We are pleased to announce that in the Caribbean, the initiative is being implemented by The MATCH International Women’s Fund (The MATCH Fund), in partnership with The Astraea Lesbian Foundation for Justice (Astraea). The MATCH Fund is Canada’s sole global fund for women, girls, and transgender people. This five-year (2019-2024) initiative will be implemented alongside women’s rights organizations and LBTIQ groups investing in their strategies and priorities for change and strengthening the women’s movement as a whole in the Caribbean. The initiative seeks to provide support towards the diverse challenges faced in the region, and towards building sustainable and well-resourced feminist and gender justice movements.

Some of the challenges Caribbean women’s rights organizations and LBTIQ groups face while trying to address critical issues include gender-based violence and sexual and reproductive health rights. In most Caribbean countries, poverty is higher among women than men, which is particularly evident among women-headed households. Lesbian, bisexual, and trans* (LBT) women also face significant discrimination and stigma. One of the main challenges faced by many women’s rights and LBTIQ organizations and groups is the lack of predictable funding and reliance on volunteer work.

Photo: Participants at the June 2019 convening map out the state of funding for women’s and LGBTIQ groups in the Caribbean

In June 2019, The MATCH Fund and Astraea co-hosted a two-day consultation meeting in Antigua to kick-off this new partnership. We gathered 25 partners and representatives from women’s organizations and LBTIQ groups from around the region to explore how the WVL – Caribbean project can center and respond to movement priorities in the region, inform the project design, and to examine the funding landscape—as a means to strategize around the long-term sustainability of feminist organizing and movement building in the region.

Some key learnings from the meeting emphasized supporting Caribbean feminist movement building by increasing access to key resources for women’s rights & LBTIQ organizations, supporting regional feminist advocacy networks and alliances, and supporting capacity building opportunities that are grounded in the movement’s priorities.

Photo: Notes from the June 2019 convening in Antigua

To date, Astraea has granted nearly $1M over almost 20 years of funding in the Caribbean. We are one of only a few progressive funders working in the region, and the only foundation that offers core support for Caribbean grassroots LGBTIQ organizing.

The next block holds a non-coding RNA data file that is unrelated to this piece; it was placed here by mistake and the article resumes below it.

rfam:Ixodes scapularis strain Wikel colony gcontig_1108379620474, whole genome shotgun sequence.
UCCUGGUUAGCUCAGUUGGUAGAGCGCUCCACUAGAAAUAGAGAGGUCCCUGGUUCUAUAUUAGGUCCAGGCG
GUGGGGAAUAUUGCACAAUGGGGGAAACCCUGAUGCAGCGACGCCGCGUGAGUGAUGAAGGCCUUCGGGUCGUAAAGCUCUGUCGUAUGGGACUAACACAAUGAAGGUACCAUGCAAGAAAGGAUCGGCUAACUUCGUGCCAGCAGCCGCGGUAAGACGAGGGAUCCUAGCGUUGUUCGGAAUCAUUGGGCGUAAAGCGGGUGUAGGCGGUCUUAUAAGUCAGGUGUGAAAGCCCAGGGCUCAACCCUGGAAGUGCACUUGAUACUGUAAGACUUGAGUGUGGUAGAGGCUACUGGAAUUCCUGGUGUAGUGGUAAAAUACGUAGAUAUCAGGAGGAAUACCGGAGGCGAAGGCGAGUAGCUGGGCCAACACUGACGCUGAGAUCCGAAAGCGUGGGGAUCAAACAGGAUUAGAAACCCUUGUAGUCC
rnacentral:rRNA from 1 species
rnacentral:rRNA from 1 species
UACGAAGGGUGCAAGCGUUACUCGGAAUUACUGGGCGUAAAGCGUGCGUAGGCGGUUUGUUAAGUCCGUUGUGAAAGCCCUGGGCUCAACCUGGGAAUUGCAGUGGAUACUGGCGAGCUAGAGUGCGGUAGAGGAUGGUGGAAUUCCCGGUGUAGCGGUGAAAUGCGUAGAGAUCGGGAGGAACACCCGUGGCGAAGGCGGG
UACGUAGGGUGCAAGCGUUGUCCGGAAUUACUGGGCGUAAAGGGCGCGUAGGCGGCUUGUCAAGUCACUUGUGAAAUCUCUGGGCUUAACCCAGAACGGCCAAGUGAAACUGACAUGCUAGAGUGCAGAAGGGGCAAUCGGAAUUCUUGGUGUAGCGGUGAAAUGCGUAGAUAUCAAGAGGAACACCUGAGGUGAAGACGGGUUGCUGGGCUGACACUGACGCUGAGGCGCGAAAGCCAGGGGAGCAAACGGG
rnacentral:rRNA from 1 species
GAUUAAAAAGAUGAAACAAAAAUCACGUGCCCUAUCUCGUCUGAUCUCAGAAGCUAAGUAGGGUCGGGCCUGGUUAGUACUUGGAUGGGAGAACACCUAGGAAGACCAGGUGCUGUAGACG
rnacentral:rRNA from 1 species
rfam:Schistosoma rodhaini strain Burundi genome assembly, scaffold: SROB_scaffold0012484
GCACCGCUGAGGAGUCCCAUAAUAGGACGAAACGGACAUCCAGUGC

We are thrilled to be strategizing with The MATCH Fund and feminist Caribbean networks to build power for LBTIQ and women’s rights groups in the region!

The Astraea Crew Keeps on Growing!

Over the last few months, we’ve been thrilled to add three new dynamic staff members to the Astraea team to support our mission of shifting power and resources to incredible LGBTQI movements around the world!

Over the last few months, we’ve been thrilled to add some brilliant, dynamic staff members to the Astraea team to support our mission of shifting power and resources to incredible LGBTQI movements around the world! We are delighted to announce that Dondy Marie Moreland will lead our Development Individual Giving and Special Events portfolio with her innovative, comprehensive, and outcome-oriented development plans. Kyli Kleven is an incredible addition to our grants management team, bringing her eclectic experience in data manipulation, development, and dance!

Meet our new staff members

 

Dondy Marie Moreland
Director of Individual Giving & Special Events

Dondy Marie Moreland is our new Director of Individual Giving & Special Events. She comes to Astraea with over 10 years of grassroots fundraising experience, extensive training experience, and a deep desire to challenge systemic oppression and bring liberation to LGBTQI communities through providing value-aligned resources. [Read More]

“Never have I had such alignment between my personal and professional life as I do at Astraea. And it’s inspiring to work amongst so many talented LGBTQ+ changemakers— all are deeply committed to the liberation of our people, being good thought partners in philanthropy and in the field, and mobilizing resources that make the difference. It’s not only our workplace; it’s our vocation.” — Dondy Marie

Kyli Kleven
Grants Management Associate

Kyli Kleven is Astraea’s amazing Grants Management Associate whose background is in grassroots social justice movements, art, and dance. In addition to her work supporting grantmaking at Astraea, she makes and performs dance-based work throughout NYC and abroad. [Read More]

“It’s incredible to be a part of such a passionate team. I am so grateful to be in this position, working with information to make our program teams’ lives easier, and moving money and resources to our incredible grantee partners!” – Kyli

In case you missed it…

Sandy Nathan
Interim Executive Director

Last week, we were also joined by our new Interim Executive Director, Sandy Nathan, who will work closely with board and staff for the next nine to twelve months on strengthening our organizational culture and infrastructure. Read more about Sandy and a Q&A with her here.


It is such a joy to welcome these three brilliant team members and to watch the Astraea team grow!